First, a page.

Mural of Leonard Cohen by Kevin Ledo. Photo courtesy of the artist.
The sun scorches the back of my neck as I walk through the Plateau along St-Dominique. Looking up, I notice a large pair of soulful eyes peering over the rooftop of a quintessential walk-up triplex. I stare back in bewilderment — I know these eyes, but I don’t. I trek through the street to investigate and find myself before a gigantic, partially finished mural of Leonard Cohen.
A flock of clouds sweeps over the blaring sun, allowing me to take in the presence of Cohen on a wall in his old neighbourhood. Forgotten are my woes, and instead his soul-healing lyrics echo through my mind. I unofficially dub him Saint Leonard Cohen — a silent sentry, a patron saint to all artists, creators and audiences alike.
The soul of the city’s most-beloved artist, Cohen was successfully immortalized by Kevin Ledo, a Portuguese-Canadian artist based in Montreal, during MURAL Festival this past June. To investigate the process and development of this mural, I spoke with muralist Kevin Ledo.
Mira Silvers: Describe the artistic process of developing this concept for this mural on Leonard Cohen?
Kevin Ledo: I began researching photos of Leonard Cohen in recent years, and shortlisted about five that I really liked. Then I began trying a few different mock-ups, with different compositions and colours. In the end, I was satisfied with the seventh one. We reached out to the photographer, Yoan Valat, and asked for permission to use his picture. Once we got the greenlight, it was time to figure out how I would scale up this image to 130 feet!
MS: What about Leonard Cohen’s work attracts you personally?
KL: In his music, I relate to the melancholy and beauty, the joy and the stories, his longing lyrics and his clever poetry.
MS: What is your favourite Cohen creation?
KL: I’m not quite sure, I always have a hard time choosing favourites. Some hit me at times more than others.
MS: Is this the largest piece you have created?
KL: Yeah, at least twice the size of what was previously my largest mural.
MS: Can you describe how you tackled a mural this size?
KL: I drew it out with a paint marker taped to the end of a pole, using a photo of the wall that had my drawing superimposed on it. I knew more or less where to draw, using windows, paint chips or any markings on the building as reference points. I also often counted [the] bricks to know where things [would] go.
MS: What are the challenges to drawing and painting a piece this large?
KL: The sheer scale was exhausting — the sun, heat, wind and cold, and the long days. My stress levels were a good thing and a bad thing.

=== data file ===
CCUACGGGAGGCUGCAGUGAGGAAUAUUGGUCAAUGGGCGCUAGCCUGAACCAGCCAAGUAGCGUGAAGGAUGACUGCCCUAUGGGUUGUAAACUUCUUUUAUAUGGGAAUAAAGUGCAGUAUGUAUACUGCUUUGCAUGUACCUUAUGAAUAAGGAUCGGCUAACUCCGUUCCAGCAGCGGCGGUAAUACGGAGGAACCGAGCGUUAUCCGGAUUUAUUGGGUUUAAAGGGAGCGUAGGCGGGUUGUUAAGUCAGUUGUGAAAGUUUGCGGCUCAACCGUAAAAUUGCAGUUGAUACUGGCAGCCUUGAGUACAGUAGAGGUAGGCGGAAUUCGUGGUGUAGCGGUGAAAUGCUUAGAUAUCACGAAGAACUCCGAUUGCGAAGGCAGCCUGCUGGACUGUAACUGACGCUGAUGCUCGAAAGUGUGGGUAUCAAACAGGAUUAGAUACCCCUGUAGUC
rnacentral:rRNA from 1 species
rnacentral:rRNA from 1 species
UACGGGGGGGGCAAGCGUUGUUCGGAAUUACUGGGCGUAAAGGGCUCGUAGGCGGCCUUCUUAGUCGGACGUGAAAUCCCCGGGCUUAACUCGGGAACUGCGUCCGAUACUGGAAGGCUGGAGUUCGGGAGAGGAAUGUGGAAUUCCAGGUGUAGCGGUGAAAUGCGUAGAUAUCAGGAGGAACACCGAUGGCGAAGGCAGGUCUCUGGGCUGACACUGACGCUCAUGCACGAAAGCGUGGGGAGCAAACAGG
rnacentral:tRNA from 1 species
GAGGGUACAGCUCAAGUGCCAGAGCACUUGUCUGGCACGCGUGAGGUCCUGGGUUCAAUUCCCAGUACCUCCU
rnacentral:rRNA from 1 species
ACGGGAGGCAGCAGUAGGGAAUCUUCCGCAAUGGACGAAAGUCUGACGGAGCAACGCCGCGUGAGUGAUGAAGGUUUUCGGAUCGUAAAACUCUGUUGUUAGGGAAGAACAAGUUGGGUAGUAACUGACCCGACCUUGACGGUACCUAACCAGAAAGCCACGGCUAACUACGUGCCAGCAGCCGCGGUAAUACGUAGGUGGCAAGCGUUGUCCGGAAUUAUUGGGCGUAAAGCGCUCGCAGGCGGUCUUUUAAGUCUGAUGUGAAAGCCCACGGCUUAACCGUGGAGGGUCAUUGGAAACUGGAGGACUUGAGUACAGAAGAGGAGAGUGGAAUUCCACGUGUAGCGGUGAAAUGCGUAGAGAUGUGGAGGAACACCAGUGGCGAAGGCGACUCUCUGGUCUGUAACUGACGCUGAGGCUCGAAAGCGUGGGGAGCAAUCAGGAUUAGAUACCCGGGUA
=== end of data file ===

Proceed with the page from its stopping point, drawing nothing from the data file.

MS: Did you use a projector? Why or why not?
KL: I decided not to project it, mostly as a personal challenge to myself and to end this discussion, once and for all, of whether it’s okay for me to project my images when painting murals. I think that this non-projected monster wall will be a pass for me to project my murals from here if I so choose (laughs).
MS: Did you have an assistant with you on board?
KL: I had Ben Paloquin, who was operating the lift almost the whole time. He prepped the wall and helped me with rolling out the flat areas. Melissa Del Pinto helped me out one day, and a couple of other days I was flying solo.
MS: How long did it take to complete?
KL: I clocked in roughly 170 hours in three weeks with 10–12 hour days — just exhausting!
MS: Had you anticipated it would take that long?
KL: I actually figured it would take three weeks. I just didn’t realize that I would be doing such long days. I could have used another week and shorter days.
MS: With a mural this size under your belt, do you find you prefer painting on larger scales or on smaller ones?
KL: Perhaps I’ll stick to some smaller ones for now. Maybe if the conditions are right, I’ll get back on a large one.
MS: What are the safety protocols of painting at such heights?
KL: I needed certification to use that machine, the largest boom lift the Genie makes. Also, I had a harness and a helmet. No one could hang out or park under us, because a brush dropping from that height could do some real damage.
MS: Any last thoughts or comments you want the readers to know about the mural or about your work?
KL: My adventures continue—next I’m heading to Amsterdam for a project. After that, I’ll be in Lebanon for another. I plan to continue painting murals as well as focus on my oil painting when I’m home in Montreal. ■
Kevin Ledo’s portrait of Leonard Cohen can be found behind Moishes Steakhouse (3961 St-Laurent), visible from St-Dominique just north of Napoléon. More of his work can be found here.